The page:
A compound called BPA is being phased out of all plastic packaging due to fears it may disrupt our hormones–but its replacement may be just as harmful.
BPA, or bisphenol A, is often found in disposable water bottles and babies’ milk bottles and cups. Small amounts can dissolve into the food and drink inside these containers. It is a dangerous chemical linked to health concerns from digestive problems to issues with brain development. It was previously found present in around two billion products in the U.S. that were used on a daily basis.
By 2009 it had the highest production volume and use in consumer goods, with 2.2 million tons consumed globally.
Because it’s the most harmful on developing brains and bodies, children and pregnant women, it started to be phased out from the manufacturing process of plastics.
This is a concern because a host of studies have shown that BPA can mimic the actions of oestrogen, binding to the same receptor in the body. Oestrogen is normally involved in breast development, regulating periods and maintaining pregnancies. Animals exposed to BPA develop abnormal reproductive systems, but it is unclear if people are exposed to high enough doses to be affected.
Due to public pressure — and bans in a few countries — many manufacturers have started replacing BPA. However, recent investigations have shown that Bisphenol A isn’t the only endocrine disrupting chemical consumers should be worried about. According to an article published in the US News and World Report, chemical substitute BPS, an endocrine disrupting hormone with traits very similar to BPA, is present in BPA-Free products and is inside paper money, cash register receipts and most plastic consumer products much like its predecessor.
Widespread human exposure to BPS was confirmed in a 2012 analysis of urine samples taken in the U.S., Japan, China and five other Asian countries.
BPS has some of the same estrogen-mimicking effects of BPA, and that people may now be absorbing 19 times more BPS through their skin than when BPA was used to coat paper.
Not only does BPS appear to have similar hormone-mimicking characteristics to BPA, but research suggests it is actually significantly less biodegradable, and more heat-stable and photo-resistant, than BPA.
Another substitute, fluorene-9-bisphenol, or BHPF, is already widely used in a variety of materials. But Jianying Hu of Peking University in Beijing and her team have found that BHPF also binds to the body’s oestrogen receptors. Unlike BPA, it does this without stimulating them, instead blocking their normal activity. In tests on female mice, BHPF caused the animals to have smaller wombs and smaller pups than controls, and in some cases miscarriages.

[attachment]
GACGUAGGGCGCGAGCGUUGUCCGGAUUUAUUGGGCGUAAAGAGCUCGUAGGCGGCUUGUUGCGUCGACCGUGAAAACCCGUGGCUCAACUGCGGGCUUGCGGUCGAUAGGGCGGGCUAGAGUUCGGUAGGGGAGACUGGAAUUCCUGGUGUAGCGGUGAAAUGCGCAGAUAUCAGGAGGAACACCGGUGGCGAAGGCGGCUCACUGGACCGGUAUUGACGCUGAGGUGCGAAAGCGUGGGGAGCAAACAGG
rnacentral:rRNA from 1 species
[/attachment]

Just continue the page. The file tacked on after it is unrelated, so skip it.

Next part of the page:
In recent years, BHPF has shown up in all sorts of adhesives and plastic materials–everywhere from the aerospace and automobile industry to coatings used to protect floors. “So we are interested in the human exposure and risk due to the usage of BHPF,” Hu said.
A 2012 World Health report noted that “significant knowledge gaps exist on the association between exposure to endocrine-disrupting chemicals and adverse pregnancy outcomes, even though the incidence of these outcomes, such as spontaneous abortion, stillbirth, low birth weight and fetal death, has increased in many countries over the last decades.”
And those knowledge gaps leave many concerned.
But none of this matters if we’re not coming into contact with BHFP it’s only a potential problem if humans are exposed to it. To see if we are being exposed, Hu and his colleagues tested 100 students for the presence of BHFP. Seven percent of them tested positive for the chemical. The testing wasn’t done to prove that BHFP is harming human health, but rather serves to suggest that at least some of us are being potentially exposed to it and that we need to look deeper into what this might mean. How dangerous might BHFP be, and how is it getting into our bodies?
We have some clues about the latter question: because BPA rose to such prominence due to its use in plastic drinking bottles, and because a lot of Chinese students drink boiled water out of plastic water bottles, Hu’s team tested polycarbonate bottles both baby bottles (polycarbonate baby bottles are banned in China, so they had to purchase them from abroad) and adult drinking water bottles for the presence for BHPF. They found that water samples taken from all three baby bottles tested positive for BHPF.
Similarly, they detected BHPF in water from two bottles made of Eastman Tritan’s BPA-free copolyester. It’s unclear if the bottles Hu tested are available in the United States. But the U.S. might not be regulating the use of BHPF at all. A survey of three FDA databases–Indirect Additives used in Food Contact Substances, Inventory of Effective Food Contact Substance (FCS) Notifications, and the Threshold of Regulation (TOR) Exemptions failed to turn up references to either Fluorene-9-bisphenol or BHPF. If the FDA has deemed BHPF safe to use, it should show up in one of those databases.